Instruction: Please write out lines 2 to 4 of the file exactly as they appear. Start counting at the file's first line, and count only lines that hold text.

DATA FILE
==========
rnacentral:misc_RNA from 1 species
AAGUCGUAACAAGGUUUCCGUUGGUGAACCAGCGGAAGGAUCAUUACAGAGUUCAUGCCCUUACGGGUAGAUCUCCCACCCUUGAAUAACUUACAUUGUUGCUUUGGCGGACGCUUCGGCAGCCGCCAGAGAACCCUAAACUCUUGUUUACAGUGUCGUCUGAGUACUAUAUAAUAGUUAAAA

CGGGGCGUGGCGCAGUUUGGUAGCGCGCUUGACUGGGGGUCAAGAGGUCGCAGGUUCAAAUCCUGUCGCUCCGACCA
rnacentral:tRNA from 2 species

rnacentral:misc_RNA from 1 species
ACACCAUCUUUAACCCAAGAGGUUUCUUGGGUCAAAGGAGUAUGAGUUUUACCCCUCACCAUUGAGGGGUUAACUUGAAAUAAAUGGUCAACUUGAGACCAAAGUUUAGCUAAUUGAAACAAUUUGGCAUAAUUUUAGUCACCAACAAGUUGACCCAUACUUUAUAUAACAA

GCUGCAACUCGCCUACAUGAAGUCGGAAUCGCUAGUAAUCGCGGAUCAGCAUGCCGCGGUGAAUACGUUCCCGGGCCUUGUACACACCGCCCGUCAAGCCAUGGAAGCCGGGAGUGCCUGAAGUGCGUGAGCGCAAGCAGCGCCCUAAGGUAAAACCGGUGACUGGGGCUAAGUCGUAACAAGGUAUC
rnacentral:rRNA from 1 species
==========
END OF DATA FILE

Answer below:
AAGUCGUAACAAGGUUUCCGUUGGUGAACCAGCGGAAGGAUCAUUACAGAGUUCAUGCCCUUACGGGUAGAUCUCCCACCCUUGAAUAACUUACAUUGUUGCUUUGGCGGACGCUUCGGCAGCCGCCAGAGAACCCUAAACUCUUGUUUACAGUGUCGUCUGAGUACUAUAUAAUAGUUAAAA

CGGGGCGUGGCGCAGUUUGGUAGCGCGCUUGACUGGGGGUCAAGAGGUCGCAGGUUCAAAUCCUGUCGCUCCGACCA
rnacentral:tRNA from 2 species